Courtney Pine - Europa
(Destin-e Records 777C007007, Review by Chris Parker)
Like Michael Gibbs's 'Jazzphony No. 1', Europeana (ACT 9220-2, 1995), this album is an ambitious attempt to capture the musical essence of a continent, tracing in the process its roots in sacred, folk and dance traditions from Scandinavia to eastern Europe, and from Scotland to the Mediterranean.
Courtney Pine, having spent much of the past quarter-century travelling around and performing in the continent, from Russia in the east to the UK in the west, is well qualified for this project, and the album's thirteen tracks draw entertainingly (and instructively) on all manner of musics from this large and heterogeneous area. Pine himself operates exclusively on bass clarinet, which imparts an attractively treacly, dark and richly textured quality to the skirls, jigs and occasional plangent ballad that make up a pleasingly varied programme.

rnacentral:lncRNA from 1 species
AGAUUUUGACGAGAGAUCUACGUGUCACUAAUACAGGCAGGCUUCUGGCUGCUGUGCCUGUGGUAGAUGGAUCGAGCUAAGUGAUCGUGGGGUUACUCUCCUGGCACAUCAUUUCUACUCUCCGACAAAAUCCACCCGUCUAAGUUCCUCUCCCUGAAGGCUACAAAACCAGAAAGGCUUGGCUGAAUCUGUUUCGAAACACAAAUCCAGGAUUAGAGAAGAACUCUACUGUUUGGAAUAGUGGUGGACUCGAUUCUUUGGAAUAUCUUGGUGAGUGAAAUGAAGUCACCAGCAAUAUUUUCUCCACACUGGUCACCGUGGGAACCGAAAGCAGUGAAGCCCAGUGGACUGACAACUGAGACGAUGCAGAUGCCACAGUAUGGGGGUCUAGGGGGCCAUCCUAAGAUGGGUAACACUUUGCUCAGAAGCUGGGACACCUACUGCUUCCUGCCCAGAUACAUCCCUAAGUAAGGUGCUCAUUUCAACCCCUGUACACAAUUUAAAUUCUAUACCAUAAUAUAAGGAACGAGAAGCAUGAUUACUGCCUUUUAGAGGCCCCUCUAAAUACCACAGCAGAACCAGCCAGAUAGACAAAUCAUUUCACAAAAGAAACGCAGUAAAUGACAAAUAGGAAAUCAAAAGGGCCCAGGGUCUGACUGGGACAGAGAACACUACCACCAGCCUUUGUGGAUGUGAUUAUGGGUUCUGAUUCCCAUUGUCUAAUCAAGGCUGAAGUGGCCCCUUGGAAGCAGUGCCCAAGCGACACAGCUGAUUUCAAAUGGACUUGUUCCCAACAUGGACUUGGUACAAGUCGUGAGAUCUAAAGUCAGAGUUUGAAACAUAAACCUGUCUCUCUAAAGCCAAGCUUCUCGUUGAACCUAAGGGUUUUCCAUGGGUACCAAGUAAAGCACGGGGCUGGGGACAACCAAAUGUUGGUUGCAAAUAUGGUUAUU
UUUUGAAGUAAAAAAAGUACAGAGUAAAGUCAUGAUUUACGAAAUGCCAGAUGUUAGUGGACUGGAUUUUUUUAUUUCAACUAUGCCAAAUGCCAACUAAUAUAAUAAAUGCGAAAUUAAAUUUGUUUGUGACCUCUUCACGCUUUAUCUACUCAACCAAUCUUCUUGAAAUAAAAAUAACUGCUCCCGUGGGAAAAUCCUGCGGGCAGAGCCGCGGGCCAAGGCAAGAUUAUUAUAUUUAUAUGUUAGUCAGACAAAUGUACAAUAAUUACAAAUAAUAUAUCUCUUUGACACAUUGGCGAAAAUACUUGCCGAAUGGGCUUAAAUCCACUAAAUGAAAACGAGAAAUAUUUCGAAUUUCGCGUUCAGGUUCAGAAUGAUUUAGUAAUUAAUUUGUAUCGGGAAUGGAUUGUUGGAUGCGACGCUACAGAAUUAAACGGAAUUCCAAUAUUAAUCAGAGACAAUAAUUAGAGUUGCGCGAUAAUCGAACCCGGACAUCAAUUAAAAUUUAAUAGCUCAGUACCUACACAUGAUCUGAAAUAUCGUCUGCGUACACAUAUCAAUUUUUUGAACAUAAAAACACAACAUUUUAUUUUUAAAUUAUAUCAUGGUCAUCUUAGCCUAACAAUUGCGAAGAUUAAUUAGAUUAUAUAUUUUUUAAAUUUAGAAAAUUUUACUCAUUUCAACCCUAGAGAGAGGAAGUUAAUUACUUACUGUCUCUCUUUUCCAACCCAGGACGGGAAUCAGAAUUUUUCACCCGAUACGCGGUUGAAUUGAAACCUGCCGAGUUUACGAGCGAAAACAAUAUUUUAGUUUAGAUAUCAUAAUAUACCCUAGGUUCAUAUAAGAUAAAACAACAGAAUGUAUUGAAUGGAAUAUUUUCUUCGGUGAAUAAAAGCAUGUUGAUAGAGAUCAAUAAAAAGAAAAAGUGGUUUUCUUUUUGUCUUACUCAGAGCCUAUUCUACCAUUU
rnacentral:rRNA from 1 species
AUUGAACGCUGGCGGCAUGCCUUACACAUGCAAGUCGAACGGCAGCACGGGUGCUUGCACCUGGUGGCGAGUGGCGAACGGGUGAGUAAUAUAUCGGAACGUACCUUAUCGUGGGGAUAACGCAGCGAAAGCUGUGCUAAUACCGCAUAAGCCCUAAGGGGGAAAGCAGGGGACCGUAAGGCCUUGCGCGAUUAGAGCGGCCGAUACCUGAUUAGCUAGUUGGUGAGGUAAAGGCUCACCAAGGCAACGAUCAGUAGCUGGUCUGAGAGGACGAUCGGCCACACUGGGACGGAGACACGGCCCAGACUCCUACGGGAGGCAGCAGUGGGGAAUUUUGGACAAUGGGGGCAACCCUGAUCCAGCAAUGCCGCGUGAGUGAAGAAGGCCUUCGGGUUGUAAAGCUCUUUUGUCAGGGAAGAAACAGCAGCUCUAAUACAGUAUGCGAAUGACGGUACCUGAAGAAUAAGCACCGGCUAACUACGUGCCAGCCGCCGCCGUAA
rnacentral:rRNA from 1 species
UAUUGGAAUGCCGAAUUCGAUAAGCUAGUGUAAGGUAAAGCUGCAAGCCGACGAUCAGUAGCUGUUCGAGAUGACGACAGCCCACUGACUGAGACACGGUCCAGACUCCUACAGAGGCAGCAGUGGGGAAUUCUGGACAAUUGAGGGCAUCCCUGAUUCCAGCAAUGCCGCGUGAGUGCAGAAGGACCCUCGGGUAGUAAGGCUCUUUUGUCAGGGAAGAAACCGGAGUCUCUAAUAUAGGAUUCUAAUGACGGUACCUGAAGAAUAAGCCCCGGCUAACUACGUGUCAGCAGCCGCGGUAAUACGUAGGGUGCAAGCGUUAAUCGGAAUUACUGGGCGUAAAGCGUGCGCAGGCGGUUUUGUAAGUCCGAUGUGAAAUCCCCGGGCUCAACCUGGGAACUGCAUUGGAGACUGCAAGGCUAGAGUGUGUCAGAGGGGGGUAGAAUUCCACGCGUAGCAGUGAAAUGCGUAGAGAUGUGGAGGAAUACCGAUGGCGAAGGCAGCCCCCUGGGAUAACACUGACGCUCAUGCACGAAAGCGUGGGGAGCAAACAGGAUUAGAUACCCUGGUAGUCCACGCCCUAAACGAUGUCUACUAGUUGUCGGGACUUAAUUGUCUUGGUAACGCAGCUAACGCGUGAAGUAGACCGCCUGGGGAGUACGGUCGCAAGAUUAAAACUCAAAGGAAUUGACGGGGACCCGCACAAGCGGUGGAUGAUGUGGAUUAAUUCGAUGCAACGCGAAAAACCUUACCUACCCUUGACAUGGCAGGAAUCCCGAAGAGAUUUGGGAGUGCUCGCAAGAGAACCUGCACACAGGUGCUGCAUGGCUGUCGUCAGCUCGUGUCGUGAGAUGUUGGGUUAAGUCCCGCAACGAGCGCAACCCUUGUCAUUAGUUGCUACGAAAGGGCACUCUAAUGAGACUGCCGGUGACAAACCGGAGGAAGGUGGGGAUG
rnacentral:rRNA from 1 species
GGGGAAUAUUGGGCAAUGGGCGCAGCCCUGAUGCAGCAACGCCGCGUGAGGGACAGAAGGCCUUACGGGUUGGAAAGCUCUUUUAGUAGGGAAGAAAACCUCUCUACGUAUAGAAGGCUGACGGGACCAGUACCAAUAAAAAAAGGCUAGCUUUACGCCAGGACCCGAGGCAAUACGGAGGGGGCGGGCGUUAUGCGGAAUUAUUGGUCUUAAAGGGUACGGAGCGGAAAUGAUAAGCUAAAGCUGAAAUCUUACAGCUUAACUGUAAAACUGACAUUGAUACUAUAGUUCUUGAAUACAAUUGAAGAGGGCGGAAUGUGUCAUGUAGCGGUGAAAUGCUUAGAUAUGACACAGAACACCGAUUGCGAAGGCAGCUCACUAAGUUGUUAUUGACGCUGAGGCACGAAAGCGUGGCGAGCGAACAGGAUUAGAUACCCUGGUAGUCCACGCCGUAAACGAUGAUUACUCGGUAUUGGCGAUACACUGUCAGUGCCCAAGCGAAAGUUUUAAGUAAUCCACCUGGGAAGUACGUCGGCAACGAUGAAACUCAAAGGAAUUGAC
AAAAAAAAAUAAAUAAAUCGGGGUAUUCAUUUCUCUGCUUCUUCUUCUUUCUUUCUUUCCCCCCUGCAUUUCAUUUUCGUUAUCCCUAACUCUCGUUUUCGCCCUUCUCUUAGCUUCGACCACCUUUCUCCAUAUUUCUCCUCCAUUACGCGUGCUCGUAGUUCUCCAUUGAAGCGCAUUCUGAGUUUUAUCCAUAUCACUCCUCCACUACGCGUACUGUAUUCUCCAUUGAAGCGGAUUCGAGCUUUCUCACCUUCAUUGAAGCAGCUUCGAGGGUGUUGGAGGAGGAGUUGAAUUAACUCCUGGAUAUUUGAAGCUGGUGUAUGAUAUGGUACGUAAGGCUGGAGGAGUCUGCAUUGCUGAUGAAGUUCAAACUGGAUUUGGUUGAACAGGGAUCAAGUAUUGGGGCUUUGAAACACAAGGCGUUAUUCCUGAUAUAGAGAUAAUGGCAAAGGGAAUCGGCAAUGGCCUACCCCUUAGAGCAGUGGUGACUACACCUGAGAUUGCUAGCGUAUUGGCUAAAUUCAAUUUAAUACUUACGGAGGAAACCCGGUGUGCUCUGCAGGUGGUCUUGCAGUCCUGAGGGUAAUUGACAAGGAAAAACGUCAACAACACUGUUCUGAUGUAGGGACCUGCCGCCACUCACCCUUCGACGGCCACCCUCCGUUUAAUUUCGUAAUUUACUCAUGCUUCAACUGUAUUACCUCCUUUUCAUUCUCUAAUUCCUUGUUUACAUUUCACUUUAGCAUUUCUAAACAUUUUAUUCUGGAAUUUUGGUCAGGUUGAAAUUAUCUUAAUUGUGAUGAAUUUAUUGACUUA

He is joined by a lively and responsive band: pianist Zoe Rahman contributes strikingly vigorous or affectingly tender piano throughout (her solo on 'They Came from the North', in particular, is a little gem); electric violinist Omar Puente illuminates the pieces on which he appears; bassist Alec Dankworth and drummer Mark Mondesir are a tight, solid rhythm team, and the likes of Cameron Pierre (guitar), Robert Fordjour (percussion) and Shabaka Hutchins are also tellingly featured.
At its best, this is a compelling and deeply felt piece of work, imaginative and vivid, often downright tumultuously so; pedants of all descriptions, however, should not read the sleevenotes, which have clearly bypassed all forms of editorial process.